NVIDIA introduces today a new a new graphic card range: the GeForce 6200 TurboCache. This technology allows the graphics processing unit (GPU) to share the capacity and bandwidth of dedicated video memory and dynamically available system memory. ATI is also working on a similar technology named HyperMemory.
To enable this technology, some innovations were necessary. First the combination of local memory and additional system memory allocated for graphics usage based on application need. One main advantage: except for 3D the graphic card doesn’t use the system memory. So memory is still 100% available for other computer uses whether if it is for quantity or speed.
The other innovation is the ability to render more rapidly system memory. Thanks to an optimum use of the PCI Express x16 interface, NVIDIA is able to reach bidirectional bandwidth of PCI Express of up to 8 GBps (4 GBps in both directions).
However it is important to notice that according to NVIDIA some of the chipsets might not be able to reach such performances. Intel’s chipsets for example are restricted to 3 GBps in the chipset to graphic card direction and 1 GBps in the other direction. So in practice, NVIDIA announces that a GeForce 6200 TurboCache might be 20% faster with a nForce4 chipset than with an Intel i915 chipset.
The GeForce 6200 « TC », known as NV44, includes most of the standard GeForce 6200 characteristics (which is a castrated 6600). This graphic card has 4 pixel pipelines, 3 vertex engines and is clocked at 350 MHz. The GeForce 6 range functionalities are of course included, like the Shader Model 3.0 and the PureVideo video engine, which should be (finally!) activated soon. Several GeForce 6200 TC are available :
- With 16 MB of DDR-SDRAM in 32 bits and clocked at 350 MHz (2.8 GBps)
- With 32 MB of DDR-SDRAM in 64 bits clocked at 350 MHz (5.6 GBps)
- With 64 MB of DDR-SDRAM in 64 bits clocked at 350 MHz (5.6 GBps)
What about performances? The TurboCache seems to provide good performances as the 16 and 32 MB version are respectively comparable to the X300 SE and X300 128 MB. There is however sometime an important performance gap between the 6200 TC 32 MB and the X300. ATI also indicates similar performances between a Radeon X300 SE 32 MB HyperMemory and a X300 SE 128 MB (see this news ).
Of course only one of our test could confirm this announcement, but as we don’t have anything lese we will have to trust them for the moment. Performances aren’t however revolutionary and we feel that if you want to play with a comfortable resolution and framerate (1024*768) it is better not to save too much money on your graphic card. With this type of graphic cards only 800*600 resolutions are accessible, and it isn’t much especially if you are using a LCD screen (most of them have mediocre interpolations).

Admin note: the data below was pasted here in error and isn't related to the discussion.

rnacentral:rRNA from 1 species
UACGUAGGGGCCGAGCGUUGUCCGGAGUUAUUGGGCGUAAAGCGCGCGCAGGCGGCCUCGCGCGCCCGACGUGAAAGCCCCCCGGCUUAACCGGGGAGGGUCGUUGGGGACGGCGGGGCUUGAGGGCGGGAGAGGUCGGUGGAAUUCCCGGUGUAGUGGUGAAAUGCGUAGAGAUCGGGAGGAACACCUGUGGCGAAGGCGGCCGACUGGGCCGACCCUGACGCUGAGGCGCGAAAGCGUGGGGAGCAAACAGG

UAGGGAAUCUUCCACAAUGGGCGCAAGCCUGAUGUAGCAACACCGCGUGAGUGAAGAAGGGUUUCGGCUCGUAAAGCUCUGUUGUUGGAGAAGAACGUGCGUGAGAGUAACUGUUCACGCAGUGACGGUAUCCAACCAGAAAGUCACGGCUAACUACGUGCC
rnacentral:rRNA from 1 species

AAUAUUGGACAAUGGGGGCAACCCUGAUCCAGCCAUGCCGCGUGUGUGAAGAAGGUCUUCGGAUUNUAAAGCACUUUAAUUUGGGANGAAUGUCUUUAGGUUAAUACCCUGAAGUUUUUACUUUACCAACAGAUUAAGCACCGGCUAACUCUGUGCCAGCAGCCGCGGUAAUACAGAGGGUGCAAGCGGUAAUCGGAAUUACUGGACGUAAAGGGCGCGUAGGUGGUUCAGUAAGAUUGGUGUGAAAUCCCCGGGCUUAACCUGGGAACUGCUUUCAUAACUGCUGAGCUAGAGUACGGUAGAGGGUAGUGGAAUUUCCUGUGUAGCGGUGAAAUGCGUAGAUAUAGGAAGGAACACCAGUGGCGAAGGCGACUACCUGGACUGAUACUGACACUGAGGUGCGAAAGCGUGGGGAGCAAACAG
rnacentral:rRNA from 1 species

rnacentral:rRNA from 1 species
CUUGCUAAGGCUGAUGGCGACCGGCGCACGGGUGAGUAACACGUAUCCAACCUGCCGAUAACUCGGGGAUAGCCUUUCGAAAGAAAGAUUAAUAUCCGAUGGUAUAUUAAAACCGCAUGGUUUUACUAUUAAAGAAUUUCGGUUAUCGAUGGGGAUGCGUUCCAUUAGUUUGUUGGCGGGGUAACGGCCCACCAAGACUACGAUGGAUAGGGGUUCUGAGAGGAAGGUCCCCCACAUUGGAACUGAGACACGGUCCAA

From a pragmatic point of view this technology advantage is to reduce memory cost for entry level products. The advantage for chip manufacturers is obvious as they will be able to use a more expensive chip for the same products which will have in end the same price. That means more income for chips manufacturers and not memory manufacturers. For the user, a more expensive chip means more efficiency and functionality. This is also a plus starting from the fact that HyperMemory and TurboCache technologies are efficient.
Actually the real issue is the product name. A GeForce 6200 TurboCache with 16 MB of DDR-SDRAM in 32 bits and clocked at 350 MHz official name will be « NVIDIA GeForce 6200 with TurboCache supporting 128MB @ 10.8 GBps ».
First point: the 128 MB. Of course it is memory addressable by the GPU, but 112 Mb of this memory comes from the system. This 128 MB figure will however be on every box, and might be highly misleading even if the word “supporting” will also be included.
Second point: the 10.8 GBps. To reach this figure NVIDIA cumulates the graphic card memory bandwidth (2.8 GBps) with the PCI Express bandwidth (8 GBps). And except for using the system memory as video memory, this figure will never be reached, because an nForce 4 means using an Athlon 64 and PC-3200 memory. So the highest figure possible is 6.4 GBps, and we don’t take in consideration the fact that the GPU needs memory bandwidth and that the graphic cards also needs PCI-E bandwidth for other tasks. In addition with a chipset Intel configuration, NVIDIA indicates that this bandwidth is reduced from 8 to 4 GBps.
However except for these considerations, the only real important matter in the end is performances. And for performances the promising GeForce 6200 TurboCache should be able to provide a better performance/price ratio than current entry level graphic cards.